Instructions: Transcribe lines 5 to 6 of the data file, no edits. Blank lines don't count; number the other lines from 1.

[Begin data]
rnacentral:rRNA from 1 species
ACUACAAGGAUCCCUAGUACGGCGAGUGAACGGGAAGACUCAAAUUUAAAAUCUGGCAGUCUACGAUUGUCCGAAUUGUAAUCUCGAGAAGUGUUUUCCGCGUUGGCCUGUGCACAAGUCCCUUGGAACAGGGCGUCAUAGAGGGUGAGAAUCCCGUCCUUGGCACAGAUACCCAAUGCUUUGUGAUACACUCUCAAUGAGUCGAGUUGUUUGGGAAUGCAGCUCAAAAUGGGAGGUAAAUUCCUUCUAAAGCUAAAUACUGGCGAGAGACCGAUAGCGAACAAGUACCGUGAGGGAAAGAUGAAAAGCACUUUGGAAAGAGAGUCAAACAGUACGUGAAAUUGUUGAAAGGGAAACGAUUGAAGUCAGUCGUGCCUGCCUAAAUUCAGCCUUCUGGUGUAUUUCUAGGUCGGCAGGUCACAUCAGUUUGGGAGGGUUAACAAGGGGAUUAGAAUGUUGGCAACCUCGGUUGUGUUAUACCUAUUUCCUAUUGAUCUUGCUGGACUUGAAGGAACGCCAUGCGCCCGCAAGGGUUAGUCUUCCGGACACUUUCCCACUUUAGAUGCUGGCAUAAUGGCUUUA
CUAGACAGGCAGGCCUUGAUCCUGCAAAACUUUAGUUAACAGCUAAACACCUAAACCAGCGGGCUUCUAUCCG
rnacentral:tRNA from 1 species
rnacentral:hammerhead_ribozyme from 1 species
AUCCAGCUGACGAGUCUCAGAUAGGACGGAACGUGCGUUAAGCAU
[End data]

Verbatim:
rnacentral:hammerhead_ribozyme from 1 species
AUCCAGCUGACGAGUCUCAGAUAGGACGGAACGUGCGUUAAGCAU